Typical finance theories teach the valuation of a stock. A primary practice is to look at the dividend a stock offers. A company offers dividends from the profit it earns. If the market rate is 5% and a stock is giving 10% dividends, its valuation will rise. But if the market rate is 5%, and a stock gives 1% dividends, its valuation will fall. An investor looks at several factors when trying to build a portfolio. Intrinsic value is something that comes into consideration. Some stocks are seriously undervalued, and they can be a good investment. But investors shun an overvalued stock, and if no one buys it, its value will decline until it reaches a price it deserves. Simple math shows that Facebook will never be able to give a 10% dividend, which should be the ideal figure for a sound investment. Of course, with the money it raises, it can build into the company and increase the revenues it generates, but there is always the risk that its investments may fail, which could lead to a major debacle.
Unlike Steve Jobs, or the duo at Google, Mark Zuckerberg hasn’t really been such a joy to watch in innovation. Given the social networking avenues, users may not be able to keep up with changes. Facebook has seemingly gone behind from being at the forefront with every new change it brings. Some are good, but the timeline doesn’t seem to have found too many fans. Many still don’t use it and would rather never use it. Facebook should be more customisable as well, as different people like different things and it should be adaptable to all. These constant changes speak highly of the risk attached to the organisation, which seems threatened by competitors that could beat it.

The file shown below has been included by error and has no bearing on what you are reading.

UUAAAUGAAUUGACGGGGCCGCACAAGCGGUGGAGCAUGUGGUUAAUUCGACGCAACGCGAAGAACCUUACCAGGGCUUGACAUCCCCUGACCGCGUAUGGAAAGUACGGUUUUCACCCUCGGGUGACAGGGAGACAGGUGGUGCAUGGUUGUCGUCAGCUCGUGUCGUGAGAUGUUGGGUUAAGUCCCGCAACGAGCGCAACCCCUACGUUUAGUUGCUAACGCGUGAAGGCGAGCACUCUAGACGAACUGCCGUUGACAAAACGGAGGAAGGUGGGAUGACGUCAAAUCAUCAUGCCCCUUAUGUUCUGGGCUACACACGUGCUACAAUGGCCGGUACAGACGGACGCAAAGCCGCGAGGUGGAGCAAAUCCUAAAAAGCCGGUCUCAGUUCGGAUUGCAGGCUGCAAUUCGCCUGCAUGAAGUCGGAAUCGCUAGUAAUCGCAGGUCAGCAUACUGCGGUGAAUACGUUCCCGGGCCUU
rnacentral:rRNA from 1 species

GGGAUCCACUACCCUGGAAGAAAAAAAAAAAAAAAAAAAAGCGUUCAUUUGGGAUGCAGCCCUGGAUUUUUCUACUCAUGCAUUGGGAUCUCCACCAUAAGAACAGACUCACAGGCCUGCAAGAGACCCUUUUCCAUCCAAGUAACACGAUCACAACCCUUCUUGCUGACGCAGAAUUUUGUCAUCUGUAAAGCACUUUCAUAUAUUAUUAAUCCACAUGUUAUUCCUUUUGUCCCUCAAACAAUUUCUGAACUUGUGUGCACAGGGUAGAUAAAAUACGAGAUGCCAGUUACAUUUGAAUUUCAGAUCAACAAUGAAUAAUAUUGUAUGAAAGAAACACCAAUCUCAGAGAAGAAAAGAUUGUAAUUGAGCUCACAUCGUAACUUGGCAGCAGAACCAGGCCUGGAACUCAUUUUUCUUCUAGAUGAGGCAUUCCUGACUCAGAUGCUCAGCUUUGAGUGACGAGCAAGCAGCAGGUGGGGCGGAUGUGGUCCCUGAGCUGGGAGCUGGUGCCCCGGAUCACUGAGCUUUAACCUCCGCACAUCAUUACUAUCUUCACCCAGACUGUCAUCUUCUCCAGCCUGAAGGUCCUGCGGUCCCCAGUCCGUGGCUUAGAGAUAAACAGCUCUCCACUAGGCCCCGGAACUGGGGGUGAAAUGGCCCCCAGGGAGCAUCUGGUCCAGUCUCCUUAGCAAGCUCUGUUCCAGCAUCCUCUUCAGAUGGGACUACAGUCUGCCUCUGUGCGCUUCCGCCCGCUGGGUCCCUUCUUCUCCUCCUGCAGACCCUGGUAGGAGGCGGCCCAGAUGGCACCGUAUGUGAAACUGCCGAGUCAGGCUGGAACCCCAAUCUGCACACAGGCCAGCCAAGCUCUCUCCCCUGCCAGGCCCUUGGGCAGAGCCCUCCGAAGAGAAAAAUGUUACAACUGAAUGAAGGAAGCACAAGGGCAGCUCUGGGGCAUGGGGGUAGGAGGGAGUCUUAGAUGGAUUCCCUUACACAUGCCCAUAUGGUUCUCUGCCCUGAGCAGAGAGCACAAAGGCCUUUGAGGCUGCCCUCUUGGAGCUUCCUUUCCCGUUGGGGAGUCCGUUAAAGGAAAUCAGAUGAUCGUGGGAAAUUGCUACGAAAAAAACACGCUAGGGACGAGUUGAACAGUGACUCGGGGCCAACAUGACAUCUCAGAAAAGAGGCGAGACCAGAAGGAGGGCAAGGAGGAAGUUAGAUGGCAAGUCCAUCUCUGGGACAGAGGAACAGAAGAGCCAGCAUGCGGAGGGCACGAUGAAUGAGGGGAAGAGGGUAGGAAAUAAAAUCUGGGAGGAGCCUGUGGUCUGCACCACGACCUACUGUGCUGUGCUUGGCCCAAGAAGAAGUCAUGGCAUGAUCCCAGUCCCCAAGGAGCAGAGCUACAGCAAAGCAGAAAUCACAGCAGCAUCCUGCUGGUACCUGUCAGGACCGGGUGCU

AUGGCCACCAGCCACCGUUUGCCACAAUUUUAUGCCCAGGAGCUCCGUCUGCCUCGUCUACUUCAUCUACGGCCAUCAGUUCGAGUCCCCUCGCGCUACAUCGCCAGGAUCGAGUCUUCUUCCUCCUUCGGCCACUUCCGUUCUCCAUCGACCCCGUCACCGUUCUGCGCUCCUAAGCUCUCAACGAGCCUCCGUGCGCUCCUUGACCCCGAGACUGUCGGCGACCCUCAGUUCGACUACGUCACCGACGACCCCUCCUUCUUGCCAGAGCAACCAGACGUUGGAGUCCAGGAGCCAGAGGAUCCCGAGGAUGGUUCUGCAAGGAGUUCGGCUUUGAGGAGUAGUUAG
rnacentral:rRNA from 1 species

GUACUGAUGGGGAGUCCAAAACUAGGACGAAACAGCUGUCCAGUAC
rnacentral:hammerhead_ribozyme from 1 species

With the IPO, it seems that Facebook’s time of reckoning has arrived. It will either crumble or turn into a major organisation. It seems to have stepped up a gear in the online technology race with its interest in buying the Opera browser, by replacing Chrome with Opera in as its ‘recommended browser.’ While Opera isn’t the market leader among browsers, it could turn out to be a good acquisition. It is not yet known how much the deal would cost Facebook, but they would surely have an idea about the returns.
Should Facebook try to be a web company first? Maybe. Interesting acquisitions of web-based companies could place Facebook in contention for leading the online market.
The author is CEO of CottonRunners.
The views expressed by this blogger and in the following reader comments do not necessarily reflect the views and policies of the Dawn Media Group.